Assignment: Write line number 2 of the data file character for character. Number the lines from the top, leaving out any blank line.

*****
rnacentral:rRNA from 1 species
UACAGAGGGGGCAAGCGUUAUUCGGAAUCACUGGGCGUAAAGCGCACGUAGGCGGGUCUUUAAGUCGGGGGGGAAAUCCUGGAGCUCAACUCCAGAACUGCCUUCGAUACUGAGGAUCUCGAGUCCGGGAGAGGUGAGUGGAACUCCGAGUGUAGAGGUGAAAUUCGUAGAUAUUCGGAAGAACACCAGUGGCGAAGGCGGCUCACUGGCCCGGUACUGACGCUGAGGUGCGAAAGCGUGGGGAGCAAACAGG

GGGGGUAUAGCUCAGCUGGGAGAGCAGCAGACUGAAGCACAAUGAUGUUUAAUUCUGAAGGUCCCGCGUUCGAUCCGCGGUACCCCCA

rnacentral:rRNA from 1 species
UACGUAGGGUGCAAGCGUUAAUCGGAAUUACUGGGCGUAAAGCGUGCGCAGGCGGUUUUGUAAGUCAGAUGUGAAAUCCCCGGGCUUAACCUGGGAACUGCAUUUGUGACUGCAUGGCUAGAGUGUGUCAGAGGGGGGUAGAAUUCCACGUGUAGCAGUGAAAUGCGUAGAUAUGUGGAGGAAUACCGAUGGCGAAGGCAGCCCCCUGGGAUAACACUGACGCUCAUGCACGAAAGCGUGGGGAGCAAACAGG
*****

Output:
UACAGAGGGGGCAAGCGUUAUUCGGAAUCACUGGGCGUAAAGCGCACGUAGGCGGGUCUUUAAGUCGGGGGGGAAAUCCUGGAGCUCAACUCCAGAACUGCCUUCGAUACUGAGGAUCUCGAGUCCGGGAGAGGUGAGUGGAACUCCGAGUGUAGAGGUGAAAUUCGUAGAUAUUCGGAAGAACACCAGUGGCGAAGGCGGCUCACUGGCCCGGUACUGACGCUGAGGUGCGAAAGCGUGGGGAGCAAACAGG